Editor's note: Originally published in February, 2011
The weather is awful, you're stuck at home, the kids are stir-crazy and you feel like tearing your hair out.
Sound familiar? Try one of these tips to keep little ones entertained, and you might even manage to have a little fun yourself.
* Blow bubbles. You'll have to head outside for this, but it's worth it. In extremely cold weather, soap bubbles freeze solid and settle to the ground as intact spheres, then collapse slowly. Try it and see.
* Bake something. Use refrigerated cookie dough if you want to keep it simple. Make breads or pretzels you can knead, braid and shape. Or try this recipe for snow cream from AllRecipes.com: Collect about a half-gallon of fresh, clean snow. Stir in 1/4 to 1/2 cup sugar, 1/2 tablespoon vanilla extract and enough milk to the desired consistency. Serve at once.
* Save a snowman. Make a small snowman and pack him away in aluminum foil for a long winter's rest in the freezer. (Store him in one piece, because separate pieces don't stick together well later on.) Come summertime, display your snowman in the yard, perhaps during a Fourth of July gathering, and take guesses on how long it takes Frosty to melt.
* Build a fort. We're not talking about one measly sheet stretched from couch to coffee table. If you really want to keep kids busy, empty the linen closet of every sheet, blanket and beach towel you own, and build a tent city. Use anything sturdy and upright, such as a music stand, ladder or tee-ball tee, to fortify your structure in the middle of the room. Then get out the pillows, flashlights, books and snacks — or a portable DVD player — and hunker down.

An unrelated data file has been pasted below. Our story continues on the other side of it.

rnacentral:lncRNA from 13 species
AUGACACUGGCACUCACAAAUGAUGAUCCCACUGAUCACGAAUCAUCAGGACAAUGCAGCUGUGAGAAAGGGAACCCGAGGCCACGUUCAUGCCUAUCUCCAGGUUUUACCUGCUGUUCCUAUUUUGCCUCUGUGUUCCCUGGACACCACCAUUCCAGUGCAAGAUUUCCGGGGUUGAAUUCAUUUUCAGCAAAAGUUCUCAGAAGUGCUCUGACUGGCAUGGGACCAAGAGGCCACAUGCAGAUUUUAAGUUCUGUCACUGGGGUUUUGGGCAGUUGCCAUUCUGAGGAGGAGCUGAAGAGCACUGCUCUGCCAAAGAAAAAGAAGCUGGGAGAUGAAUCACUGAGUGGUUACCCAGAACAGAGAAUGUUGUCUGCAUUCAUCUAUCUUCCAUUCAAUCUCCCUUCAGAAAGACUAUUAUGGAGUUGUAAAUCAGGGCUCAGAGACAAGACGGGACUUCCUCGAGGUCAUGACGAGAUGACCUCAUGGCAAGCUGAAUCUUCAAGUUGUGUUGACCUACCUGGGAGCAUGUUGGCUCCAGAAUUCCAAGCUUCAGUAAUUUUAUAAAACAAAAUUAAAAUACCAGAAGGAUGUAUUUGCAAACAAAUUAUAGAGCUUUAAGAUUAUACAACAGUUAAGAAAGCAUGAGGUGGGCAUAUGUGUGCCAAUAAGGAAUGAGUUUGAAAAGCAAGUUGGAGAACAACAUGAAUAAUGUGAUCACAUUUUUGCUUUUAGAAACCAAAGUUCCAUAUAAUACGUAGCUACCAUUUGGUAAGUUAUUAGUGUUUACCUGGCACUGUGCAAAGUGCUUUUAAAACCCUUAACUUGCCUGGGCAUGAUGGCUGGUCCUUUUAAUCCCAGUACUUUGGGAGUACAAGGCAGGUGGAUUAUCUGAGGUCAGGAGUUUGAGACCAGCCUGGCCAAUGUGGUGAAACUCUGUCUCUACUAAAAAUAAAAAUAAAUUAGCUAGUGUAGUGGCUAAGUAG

* Make Valentines. The holiday is next week, so get out all your paper, glitter, stickers, lace, markers, googly eyes and other art supplies and craft some homemade cards. Cut paper snowflakes to decorate the windows. Make a paper chain. Or cut pictures from old magazines and catalogs to make a collage.
* Dance. Clear some space, crank up some tunes and go wild. Give young children a scarf or some ribbon to twirl around. Play your kids' favorites, or try something new. Tune the radio to Wichita's all-Spanish station — KYQQ, 106.5 FM — and listen to musical styles such as Tejano and Cumbia. If your TV gets digital music channels, listen to some bluegrass, Latin jazz, big band, reggae, alternative rock or Broadway show tunes.
* Make a movie. Movie marathons with plenty of popcorn are fun, but if you have access to a video camera and a fully-charged battery, create a cinematic masterpiece of your own. Write an original script and bring it to life. Or film your own family newscast, with journalists who report "on location" from the living room, kitchen or back yard.
* Dig out your games. Play an old favorite or that new one you got for Christmas. Teach the kids how to play chess, charades, marbles or solitaire. Get to work on an enormous puzzle. Combine forces to build a huge Lego structure or a roller coaster out of K'Nex.
* Invent a new game. Dani Stone, a Wichita mom, says her husband created a cross between shuffleboard and marbles that her family calls "Sliders:"
Use painter's tape to make one large square and a smaller square inside it on one side of a carpeted room. Give each player at least one furniture slider marked with a sticker or permanent marker. From the other side of the room, players take turns sliding their sliders, aiming for the center square. Make up your own point system — two points for inside the square, one point for on the line, etc.
"We crank up the fireplace, crank up the music, and we can play for hours," Stone said.
Sounds like a lovely day.